Murders, etc., etc. – A hot June in Carrollville

The following two passages are reprinted, with minor punctuation adjustments, from the diary of Carroll E. W. Milton – a photographer, teacher, surveyor and keen observer of humanity – who lived just north of Carrollville, Mississippi, and worked on the M & O Rail Road in 1854.

Sunday, June 4th, 1854

[I was] in the office [on the] 1st, 2nd, 3rd, [and also] down below staking for Lindsey and Gambrell.

A terrible encounter and death [occurred]. Yesterday evening as I came through Carrollville home, I witnessed a shocking spectacle, a quarrel arising between Ayers of the one part [and] old Bill Humphrey and Wilson Jones of the other. Ayers retreated; Jones advanced upon him for a fisticuff, I suppose. Ayers drew a bowie knife [and] struck him in the thigh, thereby causing Jones’ death in 20 minutes by loss of blood. Ayers was immediately brought before Esquire Strange for trial and committed to jail, there to await his trial by court next fall. Comment is unnecessary. Suffice it to say that Jones was esteemed by all who knew him, while the reverse is applicable to Ayers. Both parties were somewhat intoxicated, and the terrible deed committed behind the counter in Kent’s doggery, where the blood stains of the murdered man will ever remain an eloquent though silent monitor to all who indulge too freely at such foul dens.

An advocate of temperance reforms could in this case gather material for a touching lecture – the sorrowing and widowed wife, the babes, etc., etc., etc., thus bereft of a kind husband and affectionate father, etc., etc., etc. I leave the reader to extend the picture if he or she will, as I never spread myself that way.

Heigh ho! I am getting tired. Warm this evening [at] 3 o’clock. I – yes! – I shaved this morning [and] turned out a beautiful goatee! Red!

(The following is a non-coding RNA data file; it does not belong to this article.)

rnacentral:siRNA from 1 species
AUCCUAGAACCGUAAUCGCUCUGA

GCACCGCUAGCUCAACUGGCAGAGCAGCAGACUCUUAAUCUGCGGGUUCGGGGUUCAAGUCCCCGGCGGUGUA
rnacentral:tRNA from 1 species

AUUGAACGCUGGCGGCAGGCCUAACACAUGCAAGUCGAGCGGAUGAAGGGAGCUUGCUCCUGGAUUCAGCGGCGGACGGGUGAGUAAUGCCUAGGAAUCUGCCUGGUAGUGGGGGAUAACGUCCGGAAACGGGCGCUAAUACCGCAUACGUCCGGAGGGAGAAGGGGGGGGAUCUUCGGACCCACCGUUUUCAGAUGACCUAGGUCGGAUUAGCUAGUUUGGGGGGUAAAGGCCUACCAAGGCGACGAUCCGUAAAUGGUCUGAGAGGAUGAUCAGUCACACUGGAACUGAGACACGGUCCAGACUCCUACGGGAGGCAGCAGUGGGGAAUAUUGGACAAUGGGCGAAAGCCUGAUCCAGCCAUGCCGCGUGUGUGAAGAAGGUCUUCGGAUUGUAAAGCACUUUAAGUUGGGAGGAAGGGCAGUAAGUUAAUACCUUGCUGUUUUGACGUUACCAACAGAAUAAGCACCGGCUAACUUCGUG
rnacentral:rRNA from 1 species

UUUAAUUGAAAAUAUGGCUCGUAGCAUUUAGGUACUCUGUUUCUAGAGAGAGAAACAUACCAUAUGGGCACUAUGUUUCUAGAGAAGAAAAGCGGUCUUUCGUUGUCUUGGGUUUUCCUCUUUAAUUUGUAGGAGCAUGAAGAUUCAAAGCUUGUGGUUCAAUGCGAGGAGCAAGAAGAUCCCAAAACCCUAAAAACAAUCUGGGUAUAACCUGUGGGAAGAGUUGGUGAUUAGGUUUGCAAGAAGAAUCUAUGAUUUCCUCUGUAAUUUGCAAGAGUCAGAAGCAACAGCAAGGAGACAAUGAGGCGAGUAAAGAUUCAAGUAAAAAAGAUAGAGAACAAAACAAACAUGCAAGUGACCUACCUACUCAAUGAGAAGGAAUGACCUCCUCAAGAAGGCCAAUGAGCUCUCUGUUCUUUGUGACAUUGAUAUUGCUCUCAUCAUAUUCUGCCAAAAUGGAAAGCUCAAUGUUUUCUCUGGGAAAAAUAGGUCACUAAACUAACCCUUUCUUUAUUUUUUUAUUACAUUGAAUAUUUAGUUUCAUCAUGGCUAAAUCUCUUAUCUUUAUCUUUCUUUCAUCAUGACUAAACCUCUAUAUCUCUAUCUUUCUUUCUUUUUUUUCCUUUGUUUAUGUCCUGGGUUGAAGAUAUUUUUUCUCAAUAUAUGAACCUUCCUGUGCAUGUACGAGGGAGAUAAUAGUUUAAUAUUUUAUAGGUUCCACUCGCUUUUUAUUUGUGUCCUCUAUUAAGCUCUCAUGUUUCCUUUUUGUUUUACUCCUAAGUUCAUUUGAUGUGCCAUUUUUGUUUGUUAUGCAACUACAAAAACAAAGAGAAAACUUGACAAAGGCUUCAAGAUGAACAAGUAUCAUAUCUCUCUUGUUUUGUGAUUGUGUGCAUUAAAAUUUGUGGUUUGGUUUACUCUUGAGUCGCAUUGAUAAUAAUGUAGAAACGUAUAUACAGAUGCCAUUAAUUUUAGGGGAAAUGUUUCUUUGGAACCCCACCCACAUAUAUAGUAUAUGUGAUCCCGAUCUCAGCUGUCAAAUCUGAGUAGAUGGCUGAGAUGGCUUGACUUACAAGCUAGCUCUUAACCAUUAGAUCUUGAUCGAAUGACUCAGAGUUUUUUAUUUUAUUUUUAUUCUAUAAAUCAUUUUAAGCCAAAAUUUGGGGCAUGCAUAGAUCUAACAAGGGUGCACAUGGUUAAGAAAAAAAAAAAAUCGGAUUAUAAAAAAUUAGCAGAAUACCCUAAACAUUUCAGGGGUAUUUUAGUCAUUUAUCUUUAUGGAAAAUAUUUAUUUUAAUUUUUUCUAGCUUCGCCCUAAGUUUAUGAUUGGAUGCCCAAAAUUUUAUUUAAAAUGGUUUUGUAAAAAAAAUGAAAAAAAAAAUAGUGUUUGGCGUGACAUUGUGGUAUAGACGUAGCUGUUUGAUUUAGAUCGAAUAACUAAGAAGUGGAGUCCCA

While staking and cutting the Mobile & Ohio Rail Road bed across old Tishomingo and Itawamba Counties in June of 1854, Carroll Milton, red goatee and all, recorded just what the volatile combination of alcohol and sweltering summer heat in Mississippi often produced among rough men on the edge of civilization. June was hot, and it wasn’t over.

Sunday, June 18th, 1854

[I] staked for Mosley [and] Petty and tried to re-stake some for Robinson but couldn’t excavate beyond the limits. [I was] in the office [for] two days, etc., etc.

All of this happened in the week past “of course,” and that is not all. On Thursday, at Robinson’s store on the railroad, near the turnpike on Twenty Mile – Is that definite enough? I suppose so – then, on last Thursday, 15th inst. as above set forth, Mr. “What-you-can-call-him” Kirbys killed Jenk Lyre, the particulars of the affray I have not learned. The one that shot Lyre has taken up his abode in the county prison at Jacinto, awaiting a higher promotion, while his aider and abettor took “leg bail,” caring not to be promoted to such a responsible situation by his dear fellow citizens!

And on the same day, or night rather – Thursday night – Mr. James Lester, yeoman of this vicinity, did in the dark stilly night proceed to the dwelling of J.C. Carpenter and from thence entice his – Carpenter’s – daughter from the parental roof and were of twain made one flesh, for which piece of audacity Lester was challenged by the injured father to fight a duel at 60 paces with rifles! Which was a matter of course in such cases, [but] Lester passed unnoticed.

These telling passages from the diary Carroll E. W. Milton paint a pretty clear picture. It seems the nature of man around old Carrollville in the heat of June in 1854 was not so very different from the nature of man in 2013. The more things change, the more they stay the same.


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Filed under Genealogical research, Goings On In Baldwyn, Mississippi, Mississippi History

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